Whom would you sue? (Las Vegas shooting victims)

Suppose you or a loved one were a victim of the Las Vegas shootings in October. Once the shock and grief have subsided, you naturally think of who was to blame, and then you possibly think of suing.

Hundreds of the actual victims and their loved ones are suing three entities: the owner of the Mandalay Bay Hotel (which happens to be MGM); the organizer of the concert/festival (Live Nation) and the estate of the shooter.

The last one makes sense to me on ethical and legal grounds, and they might at least expect to get something out of that estate, which apparently runs to around $5 million. Not enough to satisfy, apparently.

But the first two make much less sense to me. Live Nation is being sued for being insufficiently prepared for a “foreseeable event, such as a terrorist attack…”. And the hotel is being sued, among other things, for allowing the shooter to use a freight elevator which allowed him to stockpile weapons.

Regarding the hotel, does anyone really think he couldn’t have smuggled guns up into his room in a golf bag or other luggage? We are now hearing that he actually built those guns himself, rather than buying them, so I reckon he could have disassembled them enough to fit them into suitcases. The suits also allege that the hotel should have had shot detectors in every room. Does that seem a reasonable requirement to you for a modern resort hotel?

The suit against Live Nation seem at least somewhat more reasonable to me, charging that they failed to provide enough exits and enough trained employees to allow people to escape in case of an emergency (such as, but not limited to, a terrorist attack). I suppose if there were not enough exits etc. to escape in case of a fire, a much more likely event, that would be a reasonable thing to sue about.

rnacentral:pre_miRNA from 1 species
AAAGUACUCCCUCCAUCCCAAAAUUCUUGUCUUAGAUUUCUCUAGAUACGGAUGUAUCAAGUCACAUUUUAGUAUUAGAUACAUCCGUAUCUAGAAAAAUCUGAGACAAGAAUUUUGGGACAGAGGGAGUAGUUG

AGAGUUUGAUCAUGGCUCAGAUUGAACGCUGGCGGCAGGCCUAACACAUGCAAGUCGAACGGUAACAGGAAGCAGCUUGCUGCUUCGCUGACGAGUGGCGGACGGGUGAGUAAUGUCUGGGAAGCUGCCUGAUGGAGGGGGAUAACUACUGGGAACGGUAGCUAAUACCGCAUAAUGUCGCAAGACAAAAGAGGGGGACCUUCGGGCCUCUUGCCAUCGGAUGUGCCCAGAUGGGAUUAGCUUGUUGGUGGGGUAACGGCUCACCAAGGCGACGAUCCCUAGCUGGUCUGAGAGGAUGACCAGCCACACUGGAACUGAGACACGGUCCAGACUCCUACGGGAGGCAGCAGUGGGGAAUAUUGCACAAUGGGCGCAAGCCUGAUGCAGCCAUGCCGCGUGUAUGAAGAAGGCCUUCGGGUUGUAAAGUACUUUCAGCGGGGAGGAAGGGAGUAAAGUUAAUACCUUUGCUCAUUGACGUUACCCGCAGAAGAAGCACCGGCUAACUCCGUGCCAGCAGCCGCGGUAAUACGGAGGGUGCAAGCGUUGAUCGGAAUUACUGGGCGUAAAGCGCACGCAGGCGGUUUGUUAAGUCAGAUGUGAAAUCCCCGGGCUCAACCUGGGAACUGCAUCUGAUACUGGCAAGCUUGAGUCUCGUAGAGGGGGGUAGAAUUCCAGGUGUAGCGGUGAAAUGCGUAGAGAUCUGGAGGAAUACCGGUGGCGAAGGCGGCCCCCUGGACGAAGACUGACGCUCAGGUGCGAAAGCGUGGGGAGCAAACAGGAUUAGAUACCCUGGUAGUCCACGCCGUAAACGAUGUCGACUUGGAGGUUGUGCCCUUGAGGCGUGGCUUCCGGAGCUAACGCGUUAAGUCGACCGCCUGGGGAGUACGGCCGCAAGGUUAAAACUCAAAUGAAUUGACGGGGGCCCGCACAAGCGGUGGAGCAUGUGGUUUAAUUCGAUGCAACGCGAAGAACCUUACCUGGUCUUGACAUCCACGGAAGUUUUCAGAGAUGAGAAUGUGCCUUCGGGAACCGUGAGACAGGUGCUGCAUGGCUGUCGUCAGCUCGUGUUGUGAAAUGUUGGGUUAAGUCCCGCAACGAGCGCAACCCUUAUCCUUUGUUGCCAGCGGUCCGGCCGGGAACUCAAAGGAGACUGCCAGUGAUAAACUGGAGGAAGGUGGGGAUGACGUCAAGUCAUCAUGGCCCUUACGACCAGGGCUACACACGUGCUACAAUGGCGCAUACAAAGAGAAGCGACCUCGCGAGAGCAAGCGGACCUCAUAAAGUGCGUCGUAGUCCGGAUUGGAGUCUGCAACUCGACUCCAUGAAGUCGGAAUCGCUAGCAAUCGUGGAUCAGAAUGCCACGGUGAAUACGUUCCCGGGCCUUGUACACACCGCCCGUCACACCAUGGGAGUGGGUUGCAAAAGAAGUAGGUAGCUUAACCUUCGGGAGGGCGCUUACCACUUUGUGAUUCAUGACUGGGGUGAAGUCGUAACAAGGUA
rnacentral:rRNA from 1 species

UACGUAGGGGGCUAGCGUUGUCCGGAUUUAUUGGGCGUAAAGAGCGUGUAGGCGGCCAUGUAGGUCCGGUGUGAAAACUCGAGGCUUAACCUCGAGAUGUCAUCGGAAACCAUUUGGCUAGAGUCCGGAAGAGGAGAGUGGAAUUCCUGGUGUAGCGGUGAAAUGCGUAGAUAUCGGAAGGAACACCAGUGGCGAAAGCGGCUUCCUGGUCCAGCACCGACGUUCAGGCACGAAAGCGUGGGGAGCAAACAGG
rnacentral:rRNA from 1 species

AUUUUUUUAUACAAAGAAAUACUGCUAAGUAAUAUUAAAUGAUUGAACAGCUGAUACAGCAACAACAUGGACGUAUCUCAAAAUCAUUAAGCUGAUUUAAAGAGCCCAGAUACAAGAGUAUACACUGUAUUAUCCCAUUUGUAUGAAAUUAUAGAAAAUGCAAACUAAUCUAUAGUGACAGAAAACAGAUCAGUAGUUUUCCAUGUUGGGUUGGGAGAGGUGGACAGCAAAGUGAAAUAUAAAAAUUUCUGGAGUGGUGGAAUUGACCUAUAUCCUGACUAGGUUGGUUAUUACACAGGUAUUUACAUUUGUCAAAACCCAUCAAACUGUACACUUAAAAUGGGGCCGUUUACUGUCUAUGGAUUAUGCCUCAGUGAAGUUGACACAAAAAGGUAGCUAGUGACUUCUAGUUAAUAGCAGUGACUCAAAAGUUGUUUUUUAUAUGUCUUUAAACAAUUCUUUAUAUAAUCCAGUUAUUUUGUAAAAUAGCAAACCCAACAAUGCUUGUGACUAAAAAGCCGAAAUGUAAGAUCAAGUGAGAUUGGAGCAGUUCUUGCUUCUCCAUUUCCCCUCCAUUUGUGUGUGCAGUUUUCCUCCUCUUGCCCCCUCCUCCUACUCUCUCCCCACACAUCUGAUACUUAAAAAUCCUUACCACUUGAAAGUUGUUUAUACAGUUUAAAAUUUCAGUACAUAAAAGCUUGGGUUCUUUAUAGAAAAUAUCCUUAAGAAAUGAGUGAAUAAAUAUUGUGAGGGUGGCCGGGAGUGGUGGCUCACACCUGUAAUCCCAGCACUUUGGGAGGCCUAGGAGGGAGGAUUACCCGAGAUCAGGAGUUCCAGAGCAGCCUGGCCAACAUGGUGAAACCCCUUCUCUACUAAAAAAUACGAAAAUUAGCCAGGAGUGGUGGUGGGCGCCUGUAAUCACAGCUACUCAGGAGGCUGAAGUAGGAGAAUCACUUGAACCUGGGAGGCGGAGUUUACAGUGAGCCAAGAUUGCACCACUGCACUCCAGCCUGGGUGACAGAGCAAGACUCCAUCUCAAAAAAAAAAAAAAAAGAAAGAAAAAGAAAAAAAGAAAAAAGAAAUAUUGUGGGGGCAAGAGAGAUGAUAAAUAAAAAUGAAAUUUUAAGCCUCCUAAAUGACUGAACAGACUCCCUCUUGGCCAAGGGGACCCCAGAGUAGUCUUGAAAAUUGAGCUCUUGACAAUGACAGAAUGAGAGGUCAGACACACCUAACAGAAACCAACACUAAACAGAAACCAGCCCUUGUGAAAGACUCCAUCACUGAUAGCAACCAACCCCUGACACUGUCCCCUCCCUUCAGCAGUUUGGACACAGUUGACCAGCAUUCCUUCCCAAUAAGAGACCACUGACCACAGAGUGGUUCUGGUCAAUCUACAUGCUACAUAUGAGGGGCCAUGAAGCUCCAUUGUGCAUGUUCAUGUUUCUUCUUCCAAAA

To respond to my own headline, in addition to the shooter’s estate, I would sue the shooter’s home town government, since apparently they had at least 20 calls and complaints from neighbors about him shooting guns around his home, enough to show that he was clearly out of control, but they did not take him for a psychiatric evaluation or remove the guns that he was constantly firing illegally or take any steps, apparently, to defuse the danger that he posed to others. If any one group (or person, if there was one who was responsible for these decisions) is responsible it is law enforcement of that town and their failure to take any action even based on constant and public provocation. So far I have not seen anything that shows that they or anyone else in the town cares about this lack.

Law enforcement has limited immunity for things like “failing to arrest someone.” You can imagine the flood of litigation that would happen if that were not the case.

ETA: The allegations against the hotel are broader than the freight elevator issue.

Sorry, wrong shooter. The “ghost guns” shooter was last week’s California rampage shooter. I don’t think this changes the argument about the Las Vegas hotel materially, however.

How on earth were the concert organizers supposed to prevent someone from sniping at concert-goers from a hotel far away?

Right. Maybe not sue the town for money, but what they failed to do was clearly a very bad decision and I would hope that whoever is responsible for that policy or individual decisiion is held personally accountable in some way, if only for future public safety and as an example to other municipalities and bureaucrats.

Regarding the hotel guard, he was apparently shot one minute after the shooting started, leaving 9 minutes more of shooting before the police managed to get into the room and stop him. Expecting better performance by hotel staff than what happened strikes me as far less reasonable than expecting a town to protect its citizens from obvious and blatant threats.

Ain’t that America?

Blaming the hotel or the concert organizers is completely ridiculous. “Oooo, let’s try to gain monitarily from this tragedy.”

Fuck that.

Is it possible to sue the Founding Fathers for the 2nd amendment?

The concert organizers should be off the hook provided they followed the local codes for such events and what is considered standard practices in the industry. If they cut corners by providing fewer exits than planned, for example, then they may have some culpability.